07/10/2010, 00.00
PAKISTAN
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Christian students in Pakistan are victims of violence and discrimination

Minorities Concern of Pakistan denounces a climate of intolerance and exclusion in the classroom. Most of the violations are committed in government institutions, due to a "fragile" system that associates Pakistan to a "Muslims-only country”. An association of teachers demands action from the Chief Justice against the Federal Ministry of Education.

Lahore (AsiaNews) - Students of Pakistan's religious minorities, including Christians, are victims of exclusion, discrimination and acts of violence because of their faith and their status. The complaint comes from Minorities Concern of Pakistan (MCP) which says that most of the violations take place in government run institutions and is committed by both classmates by teachers. The system to protect minorities, they add, is "fragile" and fails to safeguard their rights.

On 8 July the Pakistan Minorities Teachers' Association (Pmta) sent a letter to Iftikhar Muhammad Chaudhry, head of the judiciary, inviting him to take a "personal initiative" against the Federal Minister for Education. He is accused of having "violated the rights of students from minorities, including Christians, Hindus, Sikhs and Ahmadis.

MCP activists cite two cases of discrimination against Christian students, confirming the climate of intolerance. On 28 May a dozen armed men attacked the pastor Mubarak Masih and his family. The violence against the Christian leader was sparked by his 13 year old grandson Shaid grandson to recite verses from the Koran in the classroom. The incident occurred in a school in Smundri, Punjab. The police did not initiate any investigation into the attacks, despite the complaint lodged by the pastor.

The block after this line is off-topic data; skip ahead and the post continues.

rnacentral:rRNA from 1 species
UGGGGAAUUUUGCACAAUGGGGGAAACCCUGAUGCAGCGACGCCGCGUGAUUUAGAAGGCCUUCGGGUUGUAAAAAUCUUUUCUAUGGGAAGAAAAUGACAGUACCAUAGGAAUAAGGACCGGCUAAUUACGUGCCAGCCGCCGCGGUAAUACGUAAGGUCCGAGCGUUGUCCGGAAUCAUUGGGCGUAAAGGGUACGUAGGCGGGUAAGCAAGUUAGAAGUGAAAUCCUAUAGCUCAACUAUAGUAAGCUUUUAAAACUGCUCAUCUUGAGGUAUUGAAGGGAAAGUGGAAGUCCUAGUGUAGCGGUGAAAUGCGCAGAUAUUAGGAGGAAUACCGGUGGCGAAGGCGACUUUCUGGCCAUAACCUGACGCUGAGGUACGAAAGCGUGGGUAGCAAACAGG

Last year eleven year old Christian Nadia Iftikhar suffered violent beatings at the hands of her teacher in a school Dharema, also in Punjab. The teacher reacted to the girl’s claim to be both "Christian and Pakistani”.  According to Ascari Hasan Rizvi, a political analyst in Lahore, the government has never wanted to start a serious reform of school curricula. And despite what is stated in the Constitution, in textbooks "Pakistan is associated with the Muslims ... and says that Pakistan is a country only for Muslims".

Rebecca Winthorpe of the Washington based Brookings Center for Universal Education, adds that " Historically education in Pakistan has been used as a tool by successive regimes in pursuing narrow political ends”.  Activists in defence of minorities, however, call for reform and a change of mentality that allows even the Christians, along with other minorities, to enhance the level of education (only 19% literate) and improve their quality of life .

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